Tuesday, October 16, 2007

an extra week

Did you ever have one of those times when you're running around like a headless chicken, and suddenly, unexpectedly, you are given the gift of time? Well, that's what happened to me today. I've been scurrying around trying to get all of my fall chores done and feeling like I must be getting very old and very slow. There is so much left to do outside, and it's raining almost daily, and how am I going to do this?? Then today I realized that Mark doesn't leave for a week THIS Sunday - it's on the 28th - we have a whole extra week to wrap things up before his business trip! Hallelujah! I'll still be planting tulip bulbs and shredding leaves for next year's mulch when he's gone, but we will have time to get all the big stuff done. I cannot tell you what a load was lifted from my shoulders when I slowed down enough to realize this!

So now I need to do a little blog housekeeping. Violetlady gave me this wonderful award a few days ago. Thank you so much! I love it! I apologize for not thanking you sooner, but it is truly appreciated. She wrote on her blog:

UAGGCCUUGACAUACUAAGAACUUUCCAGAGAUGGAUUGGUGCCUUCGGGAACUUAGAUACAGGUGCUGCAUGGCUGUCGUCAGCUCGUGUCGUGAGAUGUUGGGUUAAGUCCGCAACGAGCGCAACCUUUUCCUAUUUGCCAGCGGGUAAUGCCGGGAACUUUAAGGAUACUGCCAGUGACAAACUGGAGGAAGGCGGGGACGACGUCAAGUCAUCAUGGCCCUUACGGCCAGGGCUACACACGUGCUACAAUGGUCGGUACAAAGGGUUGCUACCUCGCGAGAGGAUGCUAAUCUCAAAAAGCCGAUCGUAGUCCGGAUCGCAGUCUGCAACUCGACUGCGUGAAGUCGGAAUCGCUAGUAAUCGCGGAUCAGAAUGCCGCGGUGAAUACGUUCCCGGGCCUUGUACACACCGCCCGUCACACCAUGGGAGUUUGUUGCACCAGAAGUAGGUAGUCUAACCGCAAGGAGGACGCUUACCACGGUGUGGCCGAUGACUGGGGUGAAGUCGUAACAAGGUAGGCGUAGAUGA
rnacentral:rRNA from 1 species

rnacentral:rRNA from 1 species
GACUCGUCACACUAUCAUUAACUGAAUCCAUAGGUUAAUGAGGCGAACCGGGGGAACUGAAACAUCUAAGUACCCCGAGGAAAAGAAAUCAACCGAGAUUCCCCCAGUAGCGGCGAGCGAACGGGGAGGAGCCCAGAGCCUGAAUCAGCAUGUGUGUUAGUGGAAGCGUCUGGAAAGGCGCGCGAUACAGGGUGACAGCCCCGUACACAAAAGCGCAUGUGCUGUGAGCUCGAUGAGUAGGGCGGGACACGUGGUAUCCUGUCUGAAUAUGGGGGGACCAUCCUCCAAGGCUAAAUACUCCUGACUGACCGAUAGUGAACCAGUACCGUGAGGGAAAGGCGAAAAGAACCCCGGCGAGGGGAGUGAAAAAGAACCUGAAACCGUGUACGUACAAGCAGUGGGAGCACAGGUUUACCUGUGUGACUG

The "Change Begins At Home" award originates from Bean Sprouts and is given to bloggers who live what they preach, who try to make the changes in their own lives that they would like to see in the world.
I guess maybe after my epiphany this morning, I can lay some claim to this nice tribute - I think it would be lovely if we all slowed down enough to enjoy and appreciate the things around us - especially all of our thoughtful blogger friends. Thanks Violetlady!
I am making progress on the fall prep front. The shed is nicely loaded - I have a few things left to throw in before we close the door for the winter, but this weekend I managed to get a lot of stuff cleaned up and stashed away.